Brave, Finally


I am at the big kid playground with my younger son. There is a twisting slide as tall as our house and monkey bars that curve like a giant wave. An eight-foot tall spider web of tubing towers over us. In a few minutes the school bell will ring and we will collect my oldest child. In the meantime, the temptation of this amusement park is simply too much for my four-year-old.

He sprints towards the web of tubing and immediately becomes frustrated when his legs can’t stretch wide enough to ascend to the next row. The monkey bars are miles above his outstretched chubby hands. He can’t even jump high enough to get into the swing. Yet he manages to plow across a dancing bridge and down a few of the more modest slides. I’m giving him the illusion of freedom, but my eyes furiously track him, picking out his sandy-haired head every few seconds.

I lose him for a moment, and then spot a red hoodie on top of a wooden platform that reaches my chin. He crouches down and dramatically flings his arms behind him. I spring forward, immediately sensing what he is about to attempt. I stretch my arms in front of me, shouting:

“Kellan! Jump to my arms! That’s too high for you! Look, I’m right here. Let me lift you down to the ground and you can keep playing. Why don’t you try the bridge again?”

My son stands straight up, fixes his bright blue eyes on me and declares with a conviction that far outsizes his body:


I freeze at his words, mouth agape at the tiny human challenging me so boldly. After staring at each other for a full ten seconds, I step aside.

“Ok, Kel. I’ll let you be brave.”

He bends down once more, plops onto his bum and scootches off the platform, landing with a satisfying thud. I exhale with relief as he trips away.

I let him be brave. One of the biggest struggles of my life has been giving myself the same permission I gave him.

I have always wanted to be a more courageous person. Likely, my four-year-old self hankered after it as much as my son does now. But time messes with that childish confidence and abandon. Failure, fear, insecurity—they shoved their way in early, took up residence and I never kicked them out. I foolishly believed I would become brave over time, without putting in any effort. With each passing birthday, I thought this would be the year my insecurities would magically vanish. But as yet another candle was added to the cake, I became horrifying aware that I wasn’t automatically being upgraded to a more wizened, self-actualized version of myself. I was the same scared woman at 35 that I was at 29, that I was at nineteen.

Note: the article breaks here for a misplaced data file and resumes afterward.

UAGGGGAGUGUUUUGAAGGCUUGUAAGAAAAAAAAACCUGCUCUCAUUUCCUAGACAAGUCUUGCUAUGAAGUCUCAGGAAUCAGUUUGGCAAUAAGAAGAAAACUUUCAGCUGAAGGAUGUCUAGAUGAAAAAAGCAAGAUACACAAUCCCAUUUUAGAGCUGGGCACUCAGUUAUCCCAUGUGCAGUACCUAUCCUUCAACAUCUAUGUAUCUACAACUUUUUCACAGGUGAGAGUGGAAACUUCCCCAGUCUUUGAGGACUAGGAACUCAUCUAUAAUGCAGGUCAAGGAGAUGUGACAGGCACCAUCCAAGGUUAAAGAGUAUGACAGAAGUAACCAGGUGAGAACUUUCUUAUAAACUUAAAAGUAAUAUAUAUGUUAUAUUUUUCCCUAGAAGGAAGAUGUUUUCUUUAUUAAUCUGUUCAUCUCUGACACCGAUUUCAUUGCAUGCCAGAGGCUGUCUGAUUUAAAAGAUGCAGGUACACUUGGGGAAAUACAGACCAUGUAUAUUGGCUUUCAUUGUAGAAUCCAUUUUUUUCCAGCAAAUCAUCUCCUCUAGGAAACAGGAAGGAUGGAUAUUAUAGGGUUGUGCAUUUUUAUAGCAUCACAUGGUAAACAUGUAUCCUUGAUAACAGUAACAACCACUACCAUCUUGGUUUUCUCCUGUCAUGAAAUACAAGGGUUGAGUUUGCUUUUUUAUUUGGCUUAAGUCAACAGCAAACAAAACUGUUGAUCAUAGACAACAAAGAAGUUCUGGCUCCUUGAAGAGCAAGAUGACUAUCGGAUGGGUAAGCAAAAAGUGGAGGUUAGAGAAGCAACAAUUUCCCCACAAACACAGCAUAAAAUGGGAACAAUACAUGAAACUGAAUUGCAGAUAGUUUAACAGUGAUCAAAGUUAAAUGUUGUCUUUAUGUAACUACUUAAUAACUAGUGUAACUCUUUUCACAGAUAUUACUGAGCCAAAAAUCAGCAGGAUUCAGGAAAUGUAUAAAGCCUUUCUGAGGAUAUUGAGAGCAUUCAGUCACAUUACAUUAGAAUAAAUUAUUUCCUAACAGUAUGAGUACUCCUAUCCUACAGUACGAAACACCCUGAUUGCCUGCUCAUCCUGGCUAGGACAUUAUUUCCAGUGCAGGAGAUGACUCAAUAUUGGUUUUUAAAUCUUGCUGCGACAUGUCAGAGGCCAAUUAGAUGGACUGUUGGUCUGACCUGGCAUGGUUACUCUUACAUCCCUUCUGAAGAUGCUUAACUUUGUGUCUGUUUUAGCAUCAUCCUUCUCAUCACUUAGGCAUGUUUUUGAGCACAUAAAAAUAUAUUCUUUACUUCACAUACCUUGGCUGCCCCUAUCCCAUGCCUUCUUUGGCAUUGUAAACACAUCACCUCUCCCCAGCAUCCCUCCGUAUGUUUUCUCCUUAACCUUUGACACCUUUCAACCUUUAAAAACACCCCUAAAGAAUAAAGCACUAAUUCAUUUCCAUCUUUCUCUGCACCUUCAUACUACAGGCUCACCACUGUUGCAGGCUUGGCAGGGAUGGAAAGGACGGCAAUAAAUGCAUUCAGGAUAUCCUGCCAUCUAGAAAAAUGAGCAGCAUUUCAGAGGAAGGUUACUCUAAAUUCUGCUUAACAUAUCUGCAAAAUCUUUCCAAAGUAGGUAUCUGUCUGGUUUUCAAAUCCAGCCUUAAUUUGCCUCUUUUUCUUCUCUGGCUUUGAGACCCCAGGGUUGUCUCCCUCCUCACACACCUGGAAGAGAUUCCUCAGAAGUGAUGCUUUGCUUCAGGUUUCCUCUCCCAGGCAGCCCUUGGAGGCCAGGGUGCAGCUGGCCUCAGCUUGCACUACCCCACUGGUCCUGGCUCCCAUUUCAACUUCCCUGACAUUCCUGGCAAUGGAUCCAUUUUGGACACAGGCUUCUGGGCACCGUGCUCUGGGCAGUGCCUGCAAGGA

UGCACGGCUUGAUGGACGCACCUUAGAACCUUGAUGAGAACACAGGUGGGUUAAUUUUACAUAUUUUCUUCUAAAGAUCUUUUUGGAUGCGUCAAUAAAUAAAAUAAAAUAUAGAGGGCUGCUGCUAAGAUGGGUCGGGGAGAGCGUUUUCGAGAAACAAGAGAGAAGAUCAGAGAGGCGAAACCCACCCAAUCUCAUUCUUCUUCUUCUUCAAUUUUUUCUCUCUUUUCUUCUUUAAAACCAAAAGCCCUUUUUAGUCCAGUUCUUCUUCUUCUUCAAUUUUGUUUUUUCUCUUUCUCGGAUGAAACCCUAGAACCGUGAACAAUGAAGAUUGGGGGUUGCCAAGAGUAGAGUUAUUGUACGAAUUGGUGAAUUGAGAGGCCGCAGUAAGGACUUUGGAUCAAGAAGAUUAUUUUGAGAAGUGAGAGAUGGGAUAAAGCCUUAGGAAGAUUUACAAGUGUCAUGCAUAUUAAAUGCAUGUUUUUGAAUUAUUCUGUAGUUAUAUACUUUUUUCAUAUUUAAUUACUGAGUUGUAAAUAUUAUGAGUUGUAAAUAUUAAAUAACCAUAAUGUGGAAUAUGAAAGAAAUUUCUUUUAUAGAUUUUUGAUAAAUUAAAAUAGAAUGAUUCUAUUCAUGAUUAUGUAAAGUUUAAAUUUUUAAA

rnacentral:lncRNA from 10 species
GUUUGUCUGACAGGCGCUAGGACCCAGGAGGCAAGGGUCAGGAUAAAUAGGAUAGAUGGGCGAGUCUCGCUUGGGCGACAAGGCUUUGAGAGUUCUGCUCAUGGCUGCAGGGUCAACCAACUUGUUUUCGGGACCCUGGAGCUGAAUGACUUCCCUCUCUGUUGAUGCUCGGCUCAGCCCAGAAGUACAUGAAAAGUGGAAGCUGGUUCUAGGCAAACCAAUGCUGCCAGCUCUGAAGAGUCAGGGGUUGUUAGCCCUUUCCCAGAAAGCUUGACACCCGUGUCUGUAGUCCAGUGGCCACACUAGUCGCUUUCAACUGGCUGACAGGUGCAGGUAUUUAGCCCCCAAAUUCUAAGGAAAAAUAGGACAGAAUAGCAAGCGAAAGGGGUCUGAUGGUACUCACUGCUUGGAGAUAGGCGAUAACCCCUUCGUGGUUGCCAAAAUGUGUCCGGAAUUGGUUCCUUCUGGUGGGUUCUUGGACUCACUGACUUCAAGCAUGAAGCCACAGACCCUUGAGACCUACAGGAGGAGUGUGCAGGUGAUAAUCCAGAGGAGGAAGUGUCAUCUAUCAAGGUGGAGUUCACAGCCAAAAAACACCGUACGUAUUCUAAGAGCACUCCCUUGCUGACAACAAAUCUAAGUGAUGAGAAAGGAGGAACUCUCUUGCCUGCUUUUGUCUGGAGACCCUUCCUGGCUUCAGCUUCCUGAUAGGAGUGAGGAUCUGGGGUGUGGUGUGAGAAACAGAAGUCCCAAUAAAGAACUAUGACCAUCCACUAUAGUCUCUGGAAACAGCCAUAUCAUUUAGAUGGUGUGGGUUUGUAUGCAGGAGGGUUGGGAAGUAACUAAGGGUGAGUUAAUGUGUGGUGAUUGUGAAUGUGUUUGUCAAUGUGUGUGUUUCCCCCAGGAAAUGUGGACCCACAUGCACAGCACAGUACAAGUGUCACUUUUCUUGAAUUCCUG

I wasn’t changing. I was stuck.

This past year, I became so terrified about staying terrified that it forced me to take action. It wasn’t a resolution. It was an act of desperation. And so I did some things. I stepped away from a commitment that was no longer right for me. It was one of the most painful and relieving things I’ve ever done. For the first time ever, I went on a lengthy trip alone. There were high and lows, but I learned so much. I stole away for two nights with three of my best friends for no reason at all, and it was one of the most precious experiences I’ve ever had. I invested in myself and in my work as a writer. I learned how to do pull-ups. I went back to work part time, gifting my boys and husband with a mother and wife who is far and away happier and more present when she’s home.

I was petrified to do all of these things. I felt distraught over stepping away from a role I had held for years, anxious to travel alone, selfish for taking a weekend away, shame for investing in myself (is my writing enough?) weak over my lack of strength and guilty I wasn’t happy being home full-time.

Every single thing required me to get out of the way of the gutsy four-year-old within and let her be brave.

My social media feed is currently filled with a slew of well-intentioned posts about flat abs and 21-day cleanses and bullet journaling and goal-setting workshops and all the ways I can become a better me in 2019. But if this last year has taught me anything, it’s that I don’t need to strive to be a better me. I’m already old enough, good enough, strong enough. I just never realized it until I started jumping off the darn platform once in awhile.

So, my somewhat unconventional plan this year is to keep stepping aside. Let my inner four-year-old jump a few more times.

She wants to be brave.

And after 30-odd years, I’m finally letting her.